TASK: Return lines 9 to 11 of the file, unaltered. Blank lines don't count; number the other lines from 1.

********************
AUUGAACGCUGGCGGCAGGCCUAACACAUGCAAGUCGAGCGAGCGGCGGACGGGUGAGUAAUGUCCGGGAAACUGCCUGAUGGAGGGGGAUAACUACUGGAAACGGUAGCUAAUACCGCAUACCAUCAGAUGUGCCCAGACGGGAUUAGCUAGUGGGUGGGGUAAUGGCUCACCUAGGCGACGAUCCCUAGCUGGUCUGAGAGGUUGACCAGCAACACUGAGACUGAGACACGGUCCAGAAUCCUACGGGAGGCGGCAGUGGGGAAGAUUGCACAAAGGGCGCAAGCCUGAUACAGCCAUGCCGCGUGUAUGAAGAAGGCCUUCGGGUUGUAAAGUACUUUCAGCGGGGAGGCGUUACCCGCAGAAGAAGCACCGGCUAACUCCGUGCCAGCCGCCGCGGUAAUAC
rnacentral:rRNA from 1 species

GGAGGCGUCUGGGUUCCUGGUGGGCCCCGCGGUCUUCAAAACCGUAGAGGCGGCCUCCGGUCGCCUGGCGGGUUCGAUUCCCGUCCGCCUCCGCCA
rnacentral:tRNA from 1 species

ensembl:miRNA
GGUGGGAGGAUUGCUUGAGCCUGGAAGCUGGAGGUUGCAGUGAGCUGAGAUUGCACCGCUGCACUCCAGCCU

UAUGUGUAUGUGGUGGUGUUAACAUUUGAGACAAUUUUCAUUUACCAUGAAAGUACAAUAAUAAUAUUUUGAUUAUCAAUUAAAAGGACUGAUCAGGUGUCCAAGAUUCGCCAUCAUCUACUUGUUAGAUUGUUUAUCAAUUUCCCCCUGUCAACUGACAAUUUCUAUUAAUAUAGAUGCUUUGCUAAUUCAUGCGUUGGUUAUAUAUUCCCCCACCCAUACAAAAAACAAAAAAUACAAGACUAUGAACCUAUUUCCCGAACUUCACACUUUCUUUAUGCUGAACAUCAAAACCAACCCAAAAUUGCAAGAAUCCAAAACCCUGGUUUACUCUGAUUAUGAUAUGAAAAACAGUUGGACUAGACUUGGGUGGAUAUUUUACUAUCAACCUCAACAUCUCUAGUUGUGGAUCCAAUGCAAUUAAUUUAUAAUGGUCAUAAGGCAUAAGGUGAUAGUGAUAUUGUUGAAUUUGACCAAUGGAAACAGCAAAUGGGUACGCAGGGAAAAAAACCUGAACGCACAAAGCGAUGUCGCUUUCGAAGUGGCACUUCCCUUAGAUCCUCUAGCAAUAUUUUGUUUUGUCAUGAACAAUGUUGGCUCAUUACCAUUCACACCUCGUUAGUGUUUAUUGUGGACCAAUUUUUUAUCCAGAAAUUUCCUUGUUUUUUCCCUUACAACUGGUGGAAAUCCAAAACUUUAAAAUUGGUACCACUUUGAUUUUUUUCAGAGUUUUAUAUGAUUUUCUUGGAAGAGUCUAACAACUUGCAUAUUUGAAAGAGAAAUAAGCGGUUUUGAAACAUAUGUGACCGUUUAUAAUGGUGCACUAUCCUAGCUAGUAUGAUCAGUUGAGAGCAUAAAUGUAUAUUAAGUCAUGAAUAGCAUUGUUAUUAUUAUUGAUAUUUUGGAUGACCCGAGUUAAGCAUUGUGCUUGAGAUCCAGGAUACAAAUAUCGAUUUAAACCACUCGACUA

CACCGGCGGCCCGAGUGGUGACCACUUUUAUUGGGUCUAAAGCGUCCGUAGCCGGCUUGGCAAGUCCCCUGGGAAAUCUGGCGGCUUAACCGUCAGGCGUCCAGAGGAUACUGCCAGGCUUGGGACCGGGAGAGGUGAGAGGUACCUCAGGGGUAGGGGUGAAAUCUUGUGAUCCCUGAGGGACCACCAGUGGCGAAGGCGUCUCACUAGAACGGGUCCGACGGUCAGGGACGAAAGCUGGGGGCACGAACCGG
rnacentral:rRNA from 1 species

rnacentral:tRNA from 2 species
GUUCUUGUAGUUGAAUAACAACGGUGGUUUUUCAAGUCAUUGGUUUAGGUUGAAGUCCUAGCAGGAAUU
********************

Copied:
rnacentral:rRNA from 1 species

rnacentral:tRNA from 2 species
GUUCUUGUAGUUGAAUAACAACGGUGGUUUUUCAAGUCAUUGGUUUAGGUUGAAGUCCUAGCAGGAAUU